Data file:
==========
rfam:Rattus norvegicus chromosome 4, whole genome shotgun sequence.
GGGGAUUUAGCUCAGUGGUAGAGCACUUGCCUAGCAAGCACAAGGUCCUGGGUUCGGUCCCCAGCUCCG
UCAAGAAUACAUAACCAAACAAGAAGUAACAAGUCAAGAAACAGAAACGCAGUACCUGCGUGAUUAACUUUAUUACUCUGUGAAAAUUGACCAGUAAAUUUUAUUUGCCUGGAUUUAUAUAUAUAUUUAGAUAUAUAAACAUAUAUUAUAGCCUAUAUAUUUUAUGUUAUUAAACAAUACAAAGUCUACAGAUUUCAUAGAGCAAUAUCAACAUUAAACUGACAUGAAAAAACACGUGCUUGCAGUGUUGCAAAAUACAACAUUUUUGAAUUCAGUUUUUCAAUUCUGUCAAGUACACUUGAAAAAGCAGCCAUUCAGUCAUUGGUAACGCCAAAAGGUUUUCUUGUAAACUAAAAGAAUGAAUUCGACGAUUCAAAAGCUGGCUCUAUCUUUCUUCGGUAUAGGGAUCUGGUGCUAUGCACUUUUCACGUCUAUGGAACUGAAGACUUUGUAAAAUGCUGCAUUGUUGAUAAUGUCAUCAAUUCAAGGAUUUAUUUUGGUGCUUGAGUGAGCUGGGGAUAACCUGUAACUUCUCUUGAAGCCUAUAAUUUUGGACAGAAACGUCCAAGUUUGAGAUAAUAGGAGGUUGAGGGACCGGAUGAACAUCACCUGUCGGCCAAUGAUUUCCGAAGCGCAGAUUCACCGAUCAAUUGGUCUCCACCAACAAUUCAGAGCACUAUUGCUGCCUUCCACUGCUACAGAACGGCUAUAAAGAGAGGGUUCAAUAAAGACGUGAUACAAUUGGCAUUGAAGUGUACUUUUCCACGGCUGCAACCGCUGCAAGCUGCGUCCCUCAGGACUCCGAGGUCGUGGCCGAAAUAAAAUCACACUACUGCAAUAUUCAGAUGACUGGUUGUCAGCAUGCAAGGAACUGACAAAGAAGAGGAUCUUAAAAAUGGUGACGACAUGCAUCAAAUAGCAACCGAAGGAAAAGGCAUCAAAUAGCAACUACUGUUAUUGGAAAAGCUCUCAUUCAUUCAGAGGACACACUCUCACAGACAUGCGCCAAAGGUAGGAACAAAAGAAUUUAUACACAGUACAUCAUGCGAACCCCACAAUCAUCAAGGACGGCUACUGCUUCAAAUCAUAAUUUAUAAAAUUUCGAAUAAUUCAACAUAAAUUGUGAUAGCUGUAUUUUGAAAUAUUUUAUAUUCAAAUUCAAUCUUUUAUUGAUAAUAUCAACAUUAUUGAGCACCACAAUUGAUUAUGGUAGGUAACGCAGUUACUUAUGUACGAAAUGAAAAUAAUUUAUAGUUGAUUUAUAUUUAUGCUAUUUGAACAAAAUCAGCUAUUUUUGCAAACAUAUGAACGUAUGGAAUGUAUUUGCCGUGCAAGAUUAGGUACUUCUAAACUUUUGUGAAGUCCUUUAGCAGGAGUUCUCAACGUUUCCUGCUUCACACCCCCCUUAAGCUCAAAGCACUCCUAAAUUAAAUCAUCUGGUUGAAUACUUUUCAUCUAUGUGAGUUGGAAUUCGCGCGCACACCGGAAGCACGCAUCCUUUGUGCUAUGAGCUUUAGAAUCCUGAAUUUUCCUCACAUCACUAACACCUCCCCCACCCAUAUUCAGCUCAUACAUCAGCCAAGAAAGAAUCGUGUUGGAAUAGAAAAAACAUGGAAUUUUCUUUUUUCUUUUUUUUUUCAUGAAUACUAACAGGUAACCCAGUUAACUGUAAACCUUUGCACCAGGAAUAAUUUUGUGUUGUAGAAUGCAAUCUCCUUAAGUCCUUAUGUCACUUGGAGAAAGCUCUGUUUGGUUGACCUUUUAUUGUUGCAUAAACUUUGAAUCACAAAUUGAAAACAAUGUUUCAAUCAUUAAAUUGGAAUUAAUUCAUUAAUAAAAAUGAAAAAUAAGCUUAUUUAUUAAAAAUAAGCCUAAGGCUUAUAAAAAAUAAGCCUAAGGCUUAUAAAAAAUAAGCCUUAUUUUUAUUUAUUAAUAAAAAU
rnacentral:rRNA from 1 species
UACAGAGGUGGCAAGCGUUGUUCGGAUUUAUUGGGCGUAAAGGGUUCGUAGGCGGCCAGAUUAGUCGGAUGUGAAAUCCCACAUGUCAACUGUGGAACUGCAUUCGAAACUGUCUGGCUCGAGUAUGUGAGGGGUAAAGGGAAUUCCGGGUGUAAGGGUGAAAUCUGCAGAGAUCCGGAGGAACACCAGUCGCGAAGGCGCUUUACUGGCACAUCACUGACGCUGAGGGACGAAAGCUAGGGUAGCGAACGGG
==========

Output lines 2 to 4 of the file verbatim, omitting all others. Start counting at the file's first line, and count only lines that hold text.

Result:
GGGGAUUUAGCUCAGUGGUAGAGCACUUGCCUAGCAAGCACAAGGUCCUGGGUUCGGUCCCCAGCUCCG
UCAAGAAUACAUAACCAAACAAGAAGUAACAAGUCAAGAAACAGAAACGCAGUACCUGCGUGAUUAACUUUAUUACUCUGUGAAAAUUGACCAGUAAAUUUUAUUUGCCUGGAUUUAUAUAUAUAUUUAGAUAUAUAAACAUAUAUUAUAGCCUAUAUAUUUUAUGUUAUUAAACAAUACAAAGUCUACAGAUUUCAUAGAGCAAUAUCAACAUUAAACUGACAUGAAAAAACACGUGCUUGCAGUGUUGCAAAAUACAACAUUUUUGAAUUCAGUUUUUCAAUUCUGUCAAGUACACUUGAAAAAGCAGCCAUUCAGUCAUUGGUAACGCCAAAAGGUUUUCUUGUAAACUAAAAGAAUGAAUUCGACGAUUCAAAAGCUGGCUCUAUCUUUCUUCGGUAUAGGGAUCUGGUGCUAUGCACUUUUCACGUCUAUGGAACUGAAGACUUUGUAAAAUGCUGCAUUGUUGAUAAUGUCAUCAAUUCAAGGAUUUAUUUUGGUGCUUGAGUGAGCUGGGGAUAACCUGUAACUUCUCUUGAAGCCUAUAAUUUUGGACAGAAACGUCCAAGUUUGAGAUAAUAGGAGGUUGAGGGACCGGAUGAACAUCACCUGUCGGCCAAUGAUUUCCGAAGCGCAGAUUCACCGAUCAAUUGGUCUCCACCAACAAUUCAGAGCACUAUUGCUGCCUUCCACUGCUACAGAACGGCUAUAAAGAGAGGGUUCAAUAAAGACGUGAUACAAUUGGCAUUGAAGUGUACUUUUCCACGGCUGCAACCGCUGCAAGCUGCGUCCCUCAGGACUCCGAGGUCGUGGCCGAAAUAAAAUCACACUACUGCAAUAUUCAGAUGACUGGUUGUCAGCAUGCAAGGAACUGACAAAGAAGAGGAUCUUAAAAAUGGUGACGACAUGCAUCAAAUAGCAACCGAAGGAAAAGGCAUCAAAUAGCAACUACUGUUAUUGGAAAAGCUCUCAUUCAUUCAGAGGACACACUCUCACAGACAUGCGCCAAAGGUAGGAACAAAAGAAUUUAUACACAGUACAUCAUGCGAACCCCACAAUCAUCAAGGACGGCUACUGCUUCAAAUCAUAAUUUAUAAAAUUUCGAAUAAUUCAACAUAAAUUGUGAUAGCUGUAUUUUGAAAUAUUUUAUAUUCAAAUUCAAUCUUUUAUUGAUAAUAUCAACAUUAUUGAGCACCACAAUUGAUUAUGGUAGGUAACGCAGUUACUUAUGUACGAAAUGAAAAUAAUUUAUAGUUGAUUUAUAUUUAUGCUAUUUGAACAAAAUCAGCUAUUUUUGCAAACAUAUGAACGUAUGGAAUGUAUUUGCCGUGCAAGAUUAGGUACUUCUAAACUUUUGUGAAGUCCUUUAGCAGGAGUUCUCAACGUUUCCUGCUUCACACCCCCCUUAAGCUCAAAGCACUCCUAAAUUAAAUCAUCUGGUUGAAUACUUUUCAUCUAUGUGAGUUGGAAUUCGCGCGCACACCGGAAGCACGCAUCCUUUGUGCUAUGAGCUUUAGAAUCCUGAAUUUUCCUCACAUCACUAACACCUCCCCCACCCAUAUUCAGCUCAUACAUCAGCCAAGAAAGAAUCGUGUUGGAAUAGAAAAAACAUGGAAUUUUCUUUUUUCUUUUUUUUUUCAUGAAUACUAACAGGUAACCCAGUUAACUGUAAACCUUUGCACCAGGAAUAAUUUUGUGUUGUAGAAUGCAAUCUCCUUAAGUCCUUAUGUCACUUGGAGAAAGCUCUGUUUGGUUGACCUUUUAUUGUUGCAUAAACUUUGAAUCACAAAUUGAAAACAAUGUUUCAAUCAUUAAAUUGGAAUUAAUUCAUUAAUAAAAAUGAAAAAUAAGCUUAUUUAUUAAAAAUAAGCCUAAGGCUUAUAAAAAAUAAGCCUAAGGCUUAUAAAAAAUAAGCCUUAUUUUUAUUUAUUAAUAAAAAU
rnacentral:rRNA from 1 species